Marian Wright Edelman’s “Lessons From Noah’s Ark”

On Saturday, October 2, an estimated 175,000 people joined together at the Lincoln Memorial for the One Nation Working Together rally for jobs, justice, and public education. Marian Wright Edelman is a lifelong advocate for disadvantaged Americans and is the president of the Children’s Defense Fund. Following is the transcript of her speech. – Ed.

Everything our nation and all of us need to know about life can be learned from Noah’s Ark, according to an anonymous writer. Lesson one, don’t miss the boat. The United States is going to miss the boat to lead and compete in our globalizing world, because we are not preparing a majority of our children for the future. The greatest threat to America’s national security comes from no enemy without, but from our failure to invest in and educate all of our children. Yet every eleven seconds of the school day, a child drops out. A majority of children of all racial and income groups and over 80 percent of black and Hispanic children cannot read or compute at grade level in fourth, eighth or twelfth grade, if they have not already dropped out. Any nation that is failing to prepare all of its children for productive work and life is jeopardizing everything and needs to correct course right now. And all of us—all of us, parents, educators, community and religious and political leaders—need to be a part of the solution and not a part of the problem. God did not make two classes of children. Every single one deserves a quality education.

Noah’s lesson two, we are all in the same boat, which is the central message of today’s positive and inclusive rally. Many Americans may not like or think they have any self-interest in assuring a fair playing field for other people’s children, especially poor and minority children. But black, Hispanic and other minority children will be a majority of our child population in 2023. Isn’t it better to ensure that they are there to get—make sure that our Social Security and Medicare systems and productive workforce are in place, rather than us supporting them because we’ve neglected them in prisons? Our country, our states are spending on average three times more per prisoner that per public school pupil. I can’t think of a dumber investment policy, and we’ve got to change it.

Lesson three, plan ahead. It wasn’t raining when Noah built the Ark. Tomorrow is today, and children have only one childhood. They need to be healthy now. They need quality, early childhood experiences now. They need first-rate schools with first-rate teachers, and they need to know that there is a good-paying job after college in their future. We must plan ahead and resist this quick-fix, quarterly profit-driven culture. It’s gotten us into trouble.



Lesson four, don’t listen to the critics and naysayers. Just get on with what the job is that needs to be done to educate our children. And if you don’t want to be criticized, don’t do anything, don’t be anything, and don’t say anything. Stand up and fight for our children, all of them. 



Lesson five, for safety’s sake, travel in pairs. Better still, travel with your brothers and sisters and community leaders gathered here. We have got to turn back those who hijack Dr. King’s words but subvert his call to end poverty and excessive militarism and excessive individualism that’s killing our children. We must, particularly right now, make sure that we end those massive tax giveaways to the richest two percent, when fifteen-and-a-half million children are languishing in poverty.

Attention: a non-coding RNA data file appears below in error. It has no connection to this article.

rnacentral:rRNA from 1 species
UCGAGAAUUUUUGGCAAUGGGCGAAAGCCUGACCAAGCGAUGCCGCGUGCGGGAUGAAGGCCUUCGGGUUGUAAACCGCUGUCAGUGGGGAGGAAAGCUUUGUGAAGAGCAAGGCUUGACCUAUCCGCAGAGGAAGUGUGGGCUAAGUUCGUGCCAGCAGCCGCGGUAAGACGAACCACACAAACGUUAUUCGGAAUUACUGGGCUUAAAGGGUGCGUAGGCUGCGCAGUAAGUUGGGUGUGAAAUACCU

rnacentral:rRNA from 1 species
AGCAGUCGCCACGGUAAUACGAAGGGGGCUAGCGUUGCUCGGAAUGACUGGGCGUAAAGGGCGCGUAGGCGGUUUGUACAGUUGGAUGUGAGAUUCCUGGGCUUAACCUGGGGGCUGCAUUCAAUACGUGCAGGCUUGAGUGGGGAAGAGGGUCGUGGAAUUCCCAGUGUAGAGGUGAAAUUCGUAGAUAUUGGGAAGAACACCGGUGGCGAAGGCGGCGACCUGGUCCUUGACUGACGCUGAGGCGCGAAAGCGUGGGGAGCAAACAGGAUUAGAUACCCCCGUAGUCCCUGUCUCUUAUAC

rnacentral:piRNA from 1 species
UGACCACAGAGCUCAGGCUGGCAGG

Lesson six—almost done—remember that the Ark was built by amateurs, the Titanic was built by professionals. Use your citizen power, your vote, to wrest our ship of state from that small group of experts and powerful and greedy corporate pirates who recklessly jeopardized all of our lives for personal gain. Feel your own power. Use your own power. Don’t rely on experts.

And last lesson, build your future, build our children’s future and our nation’s future on high ground. Let’s leave our nation and world better than we found it, more just, more hopeful, more peaceful, more productive, more unified. This may be the first time when our children and grandchildren will be worse off than their parents and grandparents, unless we correct course with urgency, with the power reflected in your witness today, to get them to safe harbor. 



Let me end with a brief prayer. God, we have pushed so many of our children into the tumultuous sea of life in small and leaky boats without survival gear and compass. Please forgive us and help our children to forgive us. And help us now to build that transforming movement, to give all of your children the anchors of faith and love, the rudder of hope, the sails of health and education, and the paddles of family and community, to keep them safe and strong when life’s sea gets worse. Thank you for your witness.

About the Author:
Marian Wright Edelman
is a lifelong advocate for disadvantaged Americans and is the President of the Children’s Defense Fund (CDF). Under her leadership, CDF has become the nation’s strongest voice for children and families.

Posted in Education

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